- Portfolio total project costs: £1,806,000192
- Total funding received from BIG: £1,806,00019
- Total number of beneficiaries: 16,665
The Activate London portfolio empowered participants and communities to develop the skills and confidence to take control of, and improve, their collective health and wellbeing by taking ownership of local projects. The portfolio supported 16,665 participants to improve their overall wellbeing, compared to a target of 10,989 people. The portfolio engaged people from some of the most disadvantaged and socially excluded communities across London .
The Community Activator project empowered local people to champion wellbeing in their communities, by supporting them to develop the skills and confidence to lead community activities. The portfolio recruited 54 local people as Community Activators. The Community Activators ran a wide range of activities including: Zumba, bingo, cooking classes, a chicken club, and toddler groups . The Community Activators projects were designed to promote healthy eating and exercise, reduce isolation, and improve mental wellbeing. Activities delivered by the Community Activators engaged a total of 2,307 participants
Community Activators could initially apply for a budget of up to £800 and also for additional funding to run subsequent activities. For example, ‘Toddlers Inc’ was set up by several Community Activators in April 2014, after attending a Tenants Association meeting where the need for local activities was identified. The Community Activators received £2,000 to purchase equipment for the toddler group, such as soft play mats, cots, bouncers, chairs and an indoor bouncy castle. The grant also paid for marketing materials to promote the group. The aim was to develop activities that could be sustained by local people:
“We are building up the local capacity and capability in those areas so they can then apply for local grants to run the programmes.” (Peabody Director of Community Programmes).
This approach secured the longer-term engagement of some Community Activators, enabling them to plug local service gaps. The toddler group became self-sustaining by charging mums a small fee to pay for fresh fruit and snacks at the sessions. The portfolio found that activities addressing community needs were the most sustainable.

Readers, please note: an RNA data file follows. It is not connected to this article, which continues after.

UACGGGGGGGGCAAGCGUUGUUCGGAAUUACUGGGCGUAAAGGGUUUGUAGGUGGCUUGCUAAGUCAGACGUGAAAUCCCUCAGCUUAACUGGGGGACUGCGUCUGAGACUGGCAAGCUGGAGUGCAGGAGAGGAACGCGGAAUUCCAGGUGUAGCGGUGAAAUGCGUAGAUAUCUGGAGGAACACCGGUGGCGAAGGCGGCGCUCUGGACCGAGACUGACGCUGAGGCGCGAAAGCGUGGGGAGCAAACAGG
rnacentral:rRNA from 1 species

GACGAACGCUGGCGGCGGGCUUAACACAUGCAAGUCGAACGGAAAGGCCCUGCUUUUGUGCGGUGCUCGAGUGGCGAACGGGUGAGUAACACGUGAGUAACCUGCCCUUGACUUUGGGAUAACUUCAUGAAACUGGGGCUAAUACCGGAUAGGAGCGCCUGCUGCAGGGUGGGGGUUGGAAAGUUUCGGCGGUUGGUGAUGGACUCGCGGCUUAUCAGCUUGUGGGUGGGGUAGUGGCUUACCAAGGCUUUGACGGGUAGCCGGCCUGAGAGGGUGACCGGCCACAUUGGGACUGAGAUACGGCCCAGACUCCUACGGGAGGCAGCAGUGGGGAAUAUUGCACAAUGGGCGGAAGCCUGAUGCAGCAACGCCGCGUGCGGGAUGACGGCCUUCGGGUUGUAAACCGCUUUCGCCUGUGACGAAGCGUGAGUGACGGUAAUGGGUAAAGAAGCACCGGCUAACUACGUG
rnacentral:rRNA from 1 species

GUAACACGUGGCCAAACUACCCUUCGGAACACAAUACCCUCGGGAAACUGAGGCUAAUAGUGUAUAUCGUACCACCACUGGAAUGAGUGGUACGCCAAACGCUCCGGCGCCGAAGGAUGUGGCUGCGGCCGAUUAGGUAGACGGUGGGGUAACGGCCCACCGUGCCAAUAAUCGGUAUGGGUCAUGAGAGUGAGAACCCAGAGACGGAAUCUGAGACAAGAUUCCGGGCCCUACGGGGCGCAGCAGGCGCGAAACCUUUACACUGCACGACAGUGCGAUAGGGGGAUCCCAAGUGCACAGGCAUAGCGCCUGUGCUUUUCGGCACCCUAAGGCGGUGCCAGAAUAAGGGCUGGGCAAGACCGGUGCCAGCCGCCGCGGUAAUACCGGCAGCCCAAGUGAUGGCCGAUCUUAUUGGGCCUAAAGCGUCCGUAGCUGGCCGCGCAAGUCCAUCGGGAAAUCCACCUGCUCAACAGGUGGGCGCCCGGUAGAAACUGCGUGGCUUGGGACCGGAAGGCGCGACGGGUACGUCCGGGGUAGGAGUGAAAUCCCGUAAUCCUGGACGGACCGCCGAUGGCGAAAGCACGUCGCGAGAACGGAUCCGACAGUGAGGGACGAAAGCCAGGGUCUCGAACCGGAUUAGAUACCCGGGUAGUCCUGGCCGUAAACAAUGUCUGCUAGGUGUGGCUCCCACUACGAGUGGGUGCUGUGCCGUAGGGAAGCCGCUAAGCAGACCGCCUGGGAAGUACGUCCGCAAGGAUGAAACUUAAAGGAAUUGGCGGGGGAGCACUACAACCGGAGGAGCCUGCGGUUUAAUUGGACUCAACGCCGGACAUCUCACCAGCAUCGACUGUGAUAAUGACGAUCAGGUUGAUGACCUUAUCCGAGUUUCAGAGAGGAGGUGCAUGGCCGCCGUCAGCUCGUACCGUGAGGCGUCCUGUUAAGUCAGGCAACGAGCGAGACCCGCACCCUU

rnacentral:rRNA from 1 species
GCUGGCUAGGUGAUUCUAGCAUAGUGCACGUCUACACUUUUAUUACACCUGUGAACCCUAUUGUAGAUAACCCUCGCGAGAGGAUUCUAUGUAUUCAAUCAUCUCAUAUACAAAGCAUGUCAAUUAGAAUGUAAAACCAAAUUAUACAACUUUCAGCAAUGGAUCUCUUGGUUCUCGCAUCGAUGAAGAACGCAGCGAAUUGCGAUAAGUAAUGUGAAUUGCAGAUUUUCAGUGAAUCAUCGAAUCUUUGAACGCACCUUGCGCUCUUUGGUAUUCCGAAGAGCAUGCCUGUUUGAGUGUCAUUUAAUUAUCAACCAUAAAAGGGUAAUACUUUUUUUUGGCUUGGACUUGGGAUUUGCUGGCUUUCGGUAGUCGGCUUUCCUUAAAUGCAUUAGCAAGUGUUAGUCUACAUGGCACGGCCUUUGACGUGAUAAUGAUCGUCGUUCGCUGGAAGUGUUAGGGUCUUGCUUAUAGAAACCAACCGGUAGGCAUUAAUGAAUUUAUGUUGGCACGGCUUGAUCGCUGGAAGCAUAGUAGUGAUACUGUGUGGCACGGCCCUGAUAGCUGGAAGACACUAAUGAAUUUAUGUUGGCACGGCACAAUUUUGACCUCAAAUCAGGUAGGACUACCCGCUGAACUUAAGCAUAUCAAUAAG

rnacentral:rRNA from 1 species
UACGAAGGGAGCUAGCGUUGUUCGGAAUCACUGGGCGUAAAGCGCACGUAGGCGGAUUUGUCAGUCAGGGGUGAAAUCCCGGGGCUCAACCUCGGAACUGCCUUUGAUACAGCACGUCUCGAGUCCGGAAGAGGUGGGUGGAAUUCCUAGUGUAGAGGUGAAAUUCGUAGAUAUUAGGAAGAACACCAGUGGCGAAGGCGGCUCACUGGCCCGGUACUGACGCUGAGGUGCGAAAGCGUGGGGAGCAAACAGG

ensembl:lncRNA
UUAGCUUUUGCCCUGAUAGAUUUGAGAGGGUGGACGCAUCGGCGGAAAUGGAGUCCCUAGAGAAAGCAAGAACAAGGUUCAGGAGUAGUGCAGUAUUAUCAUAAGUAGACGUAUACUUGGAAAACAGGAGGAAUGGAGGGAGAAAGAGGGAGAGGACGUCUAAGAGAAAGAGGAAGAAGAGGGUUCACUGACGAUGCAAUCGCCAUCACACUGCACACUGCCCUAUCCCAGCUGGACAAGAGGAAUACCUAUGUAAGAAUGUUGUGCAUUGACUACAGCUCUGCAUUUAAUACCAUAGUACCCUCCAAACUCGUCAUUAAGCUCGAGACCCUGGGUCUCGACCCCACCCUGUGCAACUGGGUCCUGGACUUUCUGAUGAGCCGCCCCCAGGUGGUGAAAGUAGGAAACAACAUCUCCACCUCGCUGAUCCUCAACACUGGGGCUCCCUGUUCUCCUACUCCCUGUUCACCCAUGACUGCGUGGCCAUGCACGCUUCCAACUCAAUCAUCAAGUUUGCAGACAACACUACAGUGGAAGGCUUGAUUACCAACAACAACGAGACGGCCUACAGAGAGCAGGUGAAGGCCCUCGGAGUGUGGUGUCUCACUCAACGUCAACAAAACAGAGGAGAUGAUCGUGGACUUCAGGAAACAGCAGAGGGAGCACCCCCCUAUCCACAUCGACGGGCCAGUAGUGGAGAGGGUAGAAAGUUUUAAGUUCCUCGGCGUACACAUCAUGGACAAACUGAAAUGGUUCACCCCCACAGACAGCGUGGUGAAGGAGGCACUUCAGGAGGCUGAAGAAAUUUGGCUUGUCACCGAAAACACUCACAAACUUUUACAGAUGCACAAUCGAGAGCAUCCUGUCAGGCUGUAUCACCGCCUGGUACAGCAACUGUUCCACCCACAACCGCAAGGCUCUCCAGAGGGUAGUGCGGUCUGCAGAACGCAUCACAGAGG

Participant/community impacts and sustainability
Activate London exceeded all its outcome targets in relation to the three key programme themes. By the end of the grant 8,128 people stated that they had improved their mental wellbeing (compared to a target of 4,978), by participating in arts and social projects. 4,569 people reported an increase in their physical activity levels (compared to a target of 2,957 people) and 3,968 people had healthier diets (compared to a target of 3,054 people).
These outcomes were highlighted at the individual level by Community Activators. For example, the Community Activator leading the toddler group noticed an increase in participants’ physical activity levels and confidence, healthier eating and improved communication between children and their parents/ carers:
“Having the fruit time and getting them involved in the tidying up, they feel like they’re part of it, part of a group. It does them good to prepare them for nursery.” (Community Activator).
The activities also supported parent and child bonding, and produced wider community benefits:
“We are trying to get the community involved … it’s not just a playgroup…it is for the community, it’s not just for the children…a lot of it is for the parents and the carers…It can be a meeting place… people on the estate, they’re coming to the group and speaking to people who they’ve never spoken to before and yet are in the same community.” (Community Activator).
In terms of sustainability, Peabody’s Community Development team is working to continue the Community Activators model through work with Peabody residents and management committees.
“Its sustainable because it trains up very local community development workers…so they can champion these activities in their own communities…For example some Activators would receive initial funding for an exercise class, but it would gradually become a pay-as-you-go class, and that would pay the tutor costs and Peabody would provide the venue for free, that would be our in-kind contribution. It was designed to get local people to take responsibility and champion health and wellbeing in their local communities.” (Portfolio lead).
→Further details and references in the Wellbeing 2 evaluation.